Reblogging: Humanity: Something We All Should Be Concerned About

Did you know that in Tanzania, people who have Albinism, (commonly know as ‘Ablbino’), are segregated, brutalized, sexually assaulted, or even murdered. ~ from HODGEPODGE 4 THE SOUL™   I didn’t either.

As a woman and a mom I am speaking to you fellow mom, fellow believer.  We are all connected one to the other by the simple fact that God wants us to be so: The Greatest Commandment, so, it important for us to learn about the world around, and not just the issues that shout the loudest, but the quiet/silent ones.

It seems that in Tanzania there is a great deal of fear and superstition about the “other.”  In a population where there is little opportunity for education superstition fills in the gaps, and here the idea of those who have Albinism as the “other” is an ancient one.  And by making them the “other” it allows people to treat them as non-human.  Those with Albinism have been raped and killed.  The tradition has it that the skin, body parts of someone with Albinism is very powerful for shamanistic arts.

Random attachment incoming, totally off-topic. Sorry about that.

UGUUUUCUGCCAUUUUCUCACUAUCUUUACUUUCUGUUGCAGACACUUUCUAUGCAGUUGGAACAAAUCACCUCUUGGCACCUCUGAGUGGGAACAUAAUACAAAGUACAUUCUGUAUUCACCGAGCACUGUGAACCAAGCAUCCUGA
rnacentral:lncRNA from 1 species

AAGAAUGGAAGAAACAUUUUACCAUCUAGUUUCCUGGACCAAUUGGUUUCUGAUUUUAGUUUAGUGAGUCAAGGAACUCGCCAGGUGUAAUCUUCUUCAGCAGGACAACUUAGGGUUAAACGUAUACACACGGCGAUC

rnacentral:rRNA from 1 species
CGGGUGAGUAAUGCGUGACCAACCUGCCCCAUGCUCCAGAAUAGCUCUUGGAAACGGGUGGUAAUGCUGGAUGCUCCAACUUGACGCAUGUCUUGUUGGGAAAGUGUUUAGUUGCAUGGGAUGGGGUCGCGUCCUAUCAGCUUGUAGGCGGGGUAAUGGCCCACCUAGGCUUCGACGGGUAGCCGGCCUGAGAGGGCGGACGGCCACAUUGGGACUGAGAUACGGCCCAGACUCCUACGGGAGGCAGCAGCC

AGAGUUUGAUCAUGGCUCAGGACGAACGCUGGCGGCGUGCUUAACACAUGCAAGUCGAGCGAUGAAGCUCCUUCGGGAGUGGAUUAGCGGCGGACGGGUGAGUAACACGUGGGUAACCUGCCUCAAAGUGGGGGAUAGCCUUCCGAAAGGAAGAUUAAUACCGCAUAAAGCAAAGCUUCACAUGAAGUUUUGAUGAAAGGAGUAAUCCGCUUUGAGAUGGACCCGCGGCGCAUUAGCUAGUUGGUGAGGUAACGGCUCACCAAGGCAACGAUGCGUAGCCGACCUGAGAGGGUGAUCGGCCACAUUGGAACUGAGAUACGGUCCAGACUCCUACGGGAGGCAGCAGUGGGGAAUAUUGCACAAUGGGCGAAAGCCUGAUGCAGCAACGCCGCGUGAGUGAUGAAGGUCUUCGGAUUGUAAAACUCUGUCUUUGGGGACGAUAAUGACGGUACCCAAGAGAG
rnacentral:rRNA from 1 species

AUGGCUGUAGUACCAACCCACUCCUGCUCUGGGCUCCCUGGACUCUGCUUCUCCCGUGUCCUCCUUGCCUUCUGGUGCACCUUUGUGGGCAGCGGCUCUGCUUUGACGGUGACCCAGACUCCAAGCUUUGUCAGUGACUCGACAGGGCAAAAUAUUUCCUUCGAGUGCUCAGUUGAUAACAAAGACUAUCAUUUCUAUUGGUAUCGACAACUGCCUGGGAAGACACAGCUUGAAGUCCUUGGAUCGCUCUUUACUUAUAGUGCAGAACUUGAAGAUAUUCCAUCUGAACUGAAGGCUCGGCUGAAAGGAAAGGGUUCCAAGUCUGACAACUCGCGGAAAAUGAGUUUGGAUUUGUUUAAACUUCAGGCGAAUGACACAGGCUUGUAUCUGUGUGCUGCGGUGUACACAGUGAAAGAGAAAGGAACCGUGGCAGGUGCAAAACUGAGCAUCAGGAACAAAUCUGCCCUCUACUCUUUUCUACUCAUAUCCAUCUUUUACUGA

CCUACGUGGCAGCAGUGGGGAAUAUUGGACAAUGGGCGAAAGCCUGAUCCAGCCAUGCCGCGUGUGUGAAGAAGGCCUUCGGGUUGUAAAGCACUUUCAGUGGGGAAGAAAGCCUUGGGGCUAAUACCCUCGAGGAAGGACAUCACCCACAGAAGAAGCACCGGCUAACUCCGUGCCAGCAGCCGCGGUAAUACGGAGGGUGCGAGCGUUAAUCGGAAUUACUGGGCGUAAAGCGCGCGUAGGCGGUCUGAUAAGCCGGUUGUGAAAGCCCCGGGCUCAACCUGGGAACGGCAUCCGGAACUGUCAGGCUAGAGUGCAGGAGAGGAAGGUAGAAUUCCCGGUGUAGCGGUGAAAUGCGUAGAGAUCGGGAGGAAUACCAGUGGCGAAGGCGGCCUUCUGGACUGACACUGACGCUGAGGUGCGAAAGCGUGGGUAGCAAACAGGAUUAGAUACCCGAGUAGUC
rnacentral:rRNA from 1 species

So, is God calling you to take some action on this cause?

“Get over yourself, God Needs You!”

Sunday was the Twentieth Sunday in Ordinary Time, and the Gospel reading was of the Canaanite 397459_191907174296663_142689242_nwoman with an ill daughter.  Now, what was so interesting about this Sunday, was that I was at a church that is far more conservative than I am. I seldom go to this church for Mass because I find that the spiritual conservationism can make me quite upset, and I hate being upset in Mass.

I remember expressing this opinion to my eldest son, and he said something insightful, he said: “Mom, the priest isn’t here to make you happy, he is here to make you think.”  Fair enough. This Sunday what the pastor was saying sounded about as far away from good thinking as anyone can get, it was fire and brimstone which, as far as I am concerned, does not nothing but set up a vicious cycle of spiritual condemnation and worthlessness.

Father equated the “evil one” with the Gospel, for me it was a huge leap, but he forced it to work.  Now here is where I have a problem with what he said.

First off, why are we calling the devil the “evil one“? Why give the devil more power by making the use of his name a talisman.  If we begin to the fear the name we increase the fear and therefore the power of the devil, we give power to the devil.  We have in essence, by increasing our fear, opened ourselves to the devil.  Doesn’t the devil work through fear?

Secondly, isn’t it true that Christ rebuked the devil and therefore gave us the same power? After all in an exorcism this very power is used to rebuke and turn away the devil.  We can not rebuke and turn away Christ, we can reject him but not rebuke him.  If this  is true, who has the greater power: Christ or the devil; Christ of course.